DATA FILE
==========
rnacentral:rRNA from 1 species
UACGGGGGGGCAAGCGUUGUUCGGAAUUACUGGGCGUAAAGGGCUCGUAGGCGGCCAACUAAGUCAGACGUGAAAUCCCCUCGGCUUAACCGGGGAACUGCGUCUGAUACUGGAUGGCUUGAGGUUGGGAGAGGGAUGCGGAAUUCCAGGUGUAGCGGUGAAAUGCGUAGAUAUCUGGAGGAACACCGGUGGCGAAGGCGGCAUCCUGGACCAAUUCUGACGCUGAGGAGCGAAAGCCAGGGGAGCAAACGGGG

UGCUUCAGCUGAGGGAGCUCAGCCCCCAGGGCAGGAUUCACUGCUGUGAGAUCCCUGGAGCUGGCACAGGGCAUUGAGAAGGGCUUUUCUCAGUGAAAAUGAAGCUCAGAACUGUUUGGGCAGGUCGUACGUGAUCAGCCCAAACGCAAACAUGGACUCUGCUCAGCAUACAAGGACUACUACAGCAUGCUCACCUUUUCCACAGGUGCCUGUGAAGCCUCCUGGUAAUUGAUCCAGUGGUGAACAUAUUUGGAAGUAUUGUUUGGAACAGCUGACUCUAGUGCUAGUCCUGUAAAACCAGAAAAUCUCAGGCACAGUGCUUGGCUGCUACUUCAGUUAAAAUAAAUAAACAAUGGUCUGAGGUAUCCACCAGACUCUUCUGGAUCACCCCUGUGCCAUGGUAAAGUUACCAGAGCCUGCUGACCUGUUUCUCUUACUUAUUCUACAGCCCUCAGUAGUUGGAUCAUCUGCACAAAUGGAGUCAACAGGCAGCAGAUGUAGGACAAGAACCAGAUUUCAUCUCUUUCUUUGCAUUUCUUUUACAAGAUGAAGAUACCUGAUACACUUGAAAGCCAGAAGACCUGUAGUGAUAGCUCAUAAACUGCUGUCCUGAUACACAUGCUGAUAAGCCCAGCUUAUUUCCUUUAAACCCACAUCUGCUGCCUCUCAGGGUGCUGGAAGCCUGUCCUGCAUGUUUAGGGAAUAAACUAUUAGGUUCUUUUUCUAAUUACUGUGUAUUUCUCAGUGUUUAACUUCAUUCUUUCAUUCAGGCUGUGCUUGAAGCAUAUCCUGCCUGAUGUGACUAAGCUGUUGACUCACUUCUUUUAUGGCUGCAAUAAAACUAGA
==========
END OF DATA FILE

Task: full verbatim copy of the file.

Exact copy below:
rnacentral:rRNA from 1 species
UACGGGGGGGCAAGCGUUGUUCGGAAUUACUGGGCGUAAAGGGCUCGUAGGCGGCCAACUAAGUCAGACGUGAAAUCCCCUCGGCUUAACCGGGGAACUGCGUCUGAUACUGGAUGGCUUGAGGUUGGGAGAGGGAUGCGGAAUUCCAGGUGUAGCGGUGAAAUGCGUAGAUAUCUGGAGGAACACCGGUGGCGAAGGCGGCAUCCUGGACCAAUUCUGACGCUGAGGAGCGAAAGCCAGGGGAGCAAACGGGG

UGCUUCAGCUGAGGGAGCUCAGCCCCCAGGGCAGGAUUCACUGCUGUGAGAUCCCUGGAGCUGGCACAGGGCAUUGAGAAGGGCUUUUCUCAGUGAAAAUGAAGCUCAGAACUGUUUGGGCAGGUCGUACGUGAUCAGCCCAAACGCAAACAUGGACUCUGCUCAGCAUACAAGGACUACUACAGCAUGCUCACCUUUUCCACAGGUGCCUGUGAAGCCUCCUGGUAAUUGAUCCAGUGGUGAACAUAUUUGGAAGUAUUGUUUGGAACAGCUGACUCUAGUGCUAGUCCUGUAAAACCAGAAAAUCUCAGGCACAGUGCUUGGCUGCUACUUCAGUUAAAAUAAAUAAACAAUGGUCUGAGGUAUCCACCAGACUCUUCUGGAUCACCCCUGUGCCAUGGUAAAGUUACCAGAGCCUGCUGACCUGUUUCUCUUACUUAUUCUACAGCCCUCAGUAGUUGGAUCAUCUGCACAAAUGGAGUCAACAGGCAGCAGAUGUAGGACAAGAACCAGAUUUCAUCUCUUUCUUUGCAUUUCUUUUACAAGAUGAAGAUACCUGAUACACUUGAAAGCCAGAAGACCUGUAGUGAUAGCUCAUAAACUGCUGUCCUGAUACACAUGCUGAUAAGCCCAGCUUAUUUCCUUUAAACCCACAUCUGCUGCCUCUCAGGGUGCUGGAAGCCUGUCCUGCAUGUUUAGGGAAUAAACUAUUAGGUUCUUUUUCUAAUUACUGUGUAUUUCUCAGUGUUUAACUUCAUUCUUUCAUUCAGGCUGUGCUUGAAGCAUAUCCUGCCUGAUGUGACUAAGCUGUUGACUCACUUCUUUUAUGGCUGCAAUAAAACUAGA